Addis Ethiopian Cuisine: Authentic Flavors from a Faraway Home

Genet Areda cooks tasty Ethiopian food at Addis Ethiopian Cuisine, located inside the Fairfield Arts and Convention Center.

Ethiopian-born Genet Areda has always loved to cook. While studying to be a nursing assistant at Indian Hills Community College, she wanted to find a way to share Ethiopian food with others. She started simply with a booth at the Saturday Fairfield Farmers Market, but as word of her tasty food spread, the venture blossomed into a full-time occupation that became Addis Ethiopian Cuisine. The popular lunchtime restaurant is now housed in the Fairfield Arts & Convention Center and attracts patrons from all over Iowa.

Eating truly authentic Ethiopian food involves all the senses. Injera, a traditional Ethiopian flatbread, is an important part of the menu. Made with teff, a tiny grain related to millet, injera is used to scoop up the various dishes in lieu of cutlery.

Injera is a naturally fermented bread, and making it is a labor-intensive process with a starter that has to be continuously fed. Genet makes injera every day. The loving labor is obvious in the pleasantly sour taste of this signature flatbread. While the teff flour for injera comes from a Midwest distributor and most of the other ingredients are available locally, the authentic spices come from Ethiopia. Genet works with Ethiopian friends and students, getting them to purchase spices for her on their visits home.

Genet, her husband, Girma Tessema, and their three daughters moved from Ethiopia to Washington, D.C., in 2007, and relocated to Fairfield in 2008. Genet loves Fairfield, and enjoys its peaceful contrast to the crowds, noise, and bustle of larger cities.

“The only things we are missing are relatives and the weather,” says Girma, who hails from an Ethiopian city with an ideal climate that’s “not too hot and not too cold.” But, he says, “every other thing is fantastic in Fairfield.” Genet and Girma are both impressed by the kindness and helpfulness of the community.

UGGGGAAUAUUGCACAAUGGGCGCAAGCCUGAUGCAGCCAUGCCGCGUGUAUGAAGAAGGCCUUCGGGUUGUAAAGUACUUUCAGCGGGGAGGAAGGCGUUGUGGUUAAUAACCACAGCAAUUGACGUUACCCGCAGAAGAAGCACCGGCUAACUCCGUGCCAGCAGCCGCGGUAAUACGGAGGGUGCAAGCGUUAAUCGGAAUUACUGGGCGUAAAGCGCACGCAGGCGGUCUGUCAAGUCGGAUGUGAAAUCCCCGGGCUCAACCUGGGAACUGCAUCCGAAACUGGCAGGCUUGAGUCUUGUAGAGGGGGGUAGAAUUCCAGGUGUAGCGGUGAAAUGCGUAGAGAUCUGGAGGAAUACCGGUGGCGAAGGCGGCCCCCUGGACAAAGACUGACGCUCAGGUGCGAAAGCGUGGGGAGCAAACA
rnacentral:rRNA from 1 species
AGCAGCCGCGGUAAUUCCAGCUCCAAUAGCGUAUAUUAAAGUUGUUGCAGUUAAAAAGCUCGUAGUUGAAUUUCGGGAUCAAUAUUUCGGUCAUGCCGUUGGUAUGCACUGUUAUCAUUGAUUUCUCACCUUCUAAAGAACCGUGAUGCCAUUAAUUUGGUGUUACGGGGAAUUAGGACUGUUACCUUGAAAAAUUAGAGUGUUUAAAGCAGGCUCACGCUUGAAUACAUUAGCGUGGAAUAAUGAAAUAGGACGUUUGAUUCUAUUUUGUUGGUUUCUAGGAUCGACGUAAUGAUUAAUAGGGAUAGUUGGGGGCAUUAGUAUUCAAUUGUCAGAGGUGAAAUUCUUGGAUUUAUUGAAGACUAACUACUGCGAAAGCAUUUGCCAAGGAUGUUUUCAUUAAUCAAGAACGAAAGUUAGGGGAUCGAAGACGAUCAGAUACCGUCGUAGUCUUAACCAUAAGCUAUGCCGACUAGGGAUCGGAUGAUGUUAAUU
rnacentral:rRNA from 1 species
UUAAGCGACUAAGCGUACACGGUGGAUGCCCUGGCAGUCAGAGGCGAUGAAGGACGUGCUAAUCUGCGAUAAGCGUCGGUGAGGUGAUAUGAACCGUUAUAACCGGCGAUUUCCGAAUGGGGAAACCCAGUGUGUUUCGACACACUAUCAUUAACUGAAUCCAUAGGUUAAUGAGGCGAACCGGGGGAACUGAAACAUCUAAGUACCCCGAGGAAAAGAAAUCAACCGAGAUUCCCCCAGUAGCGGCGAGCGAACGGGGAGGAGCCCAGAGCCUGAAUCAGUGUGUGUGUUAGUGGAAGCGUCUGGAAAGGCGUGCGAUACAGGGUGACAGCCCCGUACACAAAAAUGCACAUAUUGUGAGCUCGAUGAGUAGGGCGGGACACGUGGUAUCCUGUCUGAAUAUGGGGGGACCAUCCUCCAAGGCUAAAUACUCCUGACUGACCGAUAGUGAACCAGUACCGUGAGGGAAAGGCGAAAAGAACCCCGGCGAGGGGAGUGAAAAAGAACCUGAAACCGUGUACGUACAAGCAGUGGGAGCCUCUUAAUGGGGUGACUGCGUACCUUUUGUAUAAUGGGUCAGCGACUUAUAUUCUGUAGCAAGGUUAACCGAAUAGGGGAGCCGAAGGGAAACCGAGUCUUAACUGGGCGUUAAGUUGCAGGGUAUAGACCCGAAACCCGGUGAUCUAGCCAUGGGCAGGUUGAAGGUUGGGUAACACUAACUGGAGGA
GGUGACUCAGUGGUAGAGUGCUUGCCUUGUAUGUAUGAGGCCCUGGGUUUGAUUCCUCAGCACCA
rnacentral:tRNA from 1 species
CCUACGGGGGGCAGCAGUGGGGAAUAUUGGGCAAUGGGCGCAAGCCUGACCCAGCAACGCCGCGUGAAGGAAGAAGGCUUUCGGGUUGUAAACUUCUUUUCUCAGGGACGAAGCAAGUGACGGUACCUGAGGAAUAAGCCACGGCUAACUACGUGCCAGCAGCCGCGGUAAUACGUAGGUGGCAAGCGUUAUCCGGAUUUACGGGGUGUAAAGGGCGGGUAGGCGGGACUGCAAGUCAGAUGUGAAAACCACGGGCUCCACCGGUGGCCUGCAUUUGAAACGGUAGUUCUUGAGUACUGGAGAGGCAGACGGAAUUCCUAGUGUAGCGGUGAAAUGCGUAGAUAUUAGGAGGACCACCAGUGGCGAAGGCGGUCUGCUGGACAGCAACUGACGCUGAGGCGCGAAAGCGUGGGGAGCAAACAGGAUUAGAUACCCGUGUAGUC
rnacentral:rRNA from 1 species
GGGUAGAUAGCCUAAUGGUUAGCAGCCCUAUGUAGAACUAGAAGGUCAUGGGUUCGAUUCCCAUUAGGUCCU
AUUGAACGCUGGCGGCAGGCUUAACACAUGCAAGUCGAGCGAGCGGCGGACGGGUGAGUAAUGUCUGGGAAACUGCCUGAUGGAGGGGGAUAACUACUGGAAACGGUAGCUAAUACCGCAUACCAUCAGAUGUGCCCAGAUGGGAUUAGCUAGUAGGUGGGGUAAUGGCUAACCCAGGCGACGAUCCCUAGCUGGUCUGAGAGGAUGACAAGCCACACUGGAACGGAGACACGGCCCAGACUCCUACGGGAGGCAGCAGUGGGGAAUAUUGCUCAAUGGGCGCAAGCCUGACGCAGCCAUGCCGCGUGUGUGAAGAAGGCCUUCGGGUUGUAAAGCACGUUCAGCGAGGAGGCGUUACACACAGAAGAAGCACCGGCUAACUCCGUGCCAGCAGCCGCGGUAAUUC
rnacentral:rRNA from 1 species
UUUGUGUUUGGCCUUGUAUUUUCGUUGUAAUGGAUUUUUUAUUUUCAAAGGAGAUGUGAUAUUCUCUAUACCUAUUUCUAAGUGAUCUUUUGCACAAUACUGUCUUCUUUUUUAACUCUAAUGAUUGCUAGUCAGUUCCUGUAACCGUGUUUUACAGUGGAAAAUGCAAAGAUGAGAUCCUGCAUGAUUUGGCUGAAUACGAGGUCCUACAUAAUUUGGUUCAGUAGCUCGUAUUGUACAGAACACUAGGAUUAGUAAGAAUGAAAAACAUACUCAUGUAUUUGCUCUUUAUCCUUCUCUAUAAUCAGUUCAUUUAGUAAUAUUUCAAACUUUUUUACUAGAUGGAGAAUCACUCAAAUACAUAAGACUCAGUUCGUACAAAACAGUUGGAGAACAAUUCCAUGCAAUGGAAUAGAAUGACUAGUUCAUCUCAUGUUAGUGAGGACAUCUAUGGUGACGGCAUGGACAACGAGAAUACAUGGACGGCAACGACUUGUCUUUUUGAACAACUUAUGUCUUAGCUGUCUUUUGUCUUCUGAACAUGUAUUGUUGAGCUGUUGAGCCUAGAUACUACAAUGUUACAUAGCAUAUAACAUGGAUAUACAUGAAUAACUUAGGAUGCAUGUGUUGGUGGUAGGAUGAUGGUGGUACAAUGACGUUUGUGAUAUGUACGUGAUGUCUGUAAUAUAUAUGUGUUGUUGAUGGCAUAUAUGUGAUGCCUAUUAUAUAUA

Genet says she has many loyal customers who’ve supported and encouraged her over the last eight years. She’s very grateful to Rustin, Amanda, and the entire FACC staff for the opportunity to work in the facility’s kitchen.

“We are so happy they gave us a chance to do something for the community,” she says. “We are giving people a taste of Ethiopia.” Genet owns the restaurant, managing it with help from her husband. She still runs a booth at the Saturday farmers market, where her daughters Melat, Hermela, and Faeven provide indispensable assistance.

Addis Ethiopian serves lunch weekdays from 11 to 3, and offers the same basic menu all week, with vegetarian and non-vegetarian options. They cook with olive oil. The food is healthy, tasty, and mostly organic. Vegetarian meals come with injera bread (regular or gluten free), red lentils, yellow split peas, cabbage, spinach, and salad. Non-vegetarian meals come with red spicy beef stew, beef stew with potatoes and carrots, spinach, and salad. They also have two kinds of samosas, lentil and pineapple.

Addis Ethiopian has satisfied customers. Reviews on Facebook and Yelp say things like “fabulous,” “fantastic,” “delectable,” and “deliciously seasoned.” Genet and Girma encourage everyone to “come and experience Ethiopian food . . . no spoon or fork is needed.”

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